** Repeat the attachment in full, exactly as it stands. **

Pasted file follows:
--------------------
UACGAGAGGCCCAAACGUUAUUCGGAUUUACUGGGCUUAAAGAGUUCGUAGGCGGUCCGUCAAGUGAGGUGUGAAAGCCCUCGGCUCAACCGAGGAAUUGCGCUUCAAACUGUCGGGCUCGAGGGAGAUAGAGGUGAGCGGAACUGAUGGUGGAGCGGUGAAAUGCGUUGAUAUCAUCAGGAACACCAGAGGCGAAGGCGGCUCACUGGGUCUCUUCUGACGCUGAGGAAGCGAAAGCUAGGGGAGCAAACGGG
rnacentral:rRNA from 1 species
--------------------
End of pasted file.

UACGAGAGGCCCAAACGUUAUUCGGAUUUACUGGGCUUAAAGAGUUCGUAGGCGGUCCGUCAAGUGAGGUGUGAAAGCCCUCGGCUCAACCGAGGAAUUGCGCUUCAAACUGUCGGGCUCGAGGGAGAUAGAGGUGAGCGGAACUGAUGGUGGAGCGGUGAAAUGCGUUGAUAUCAUCAGGAACACCAGAGGCGAAGGCGGCUCACUGGGUCUCUUCUGACGCUGAGGAAGCGAAAGCUAGGGGAGCAAACGGG
rnacentral:rRNA from 1 species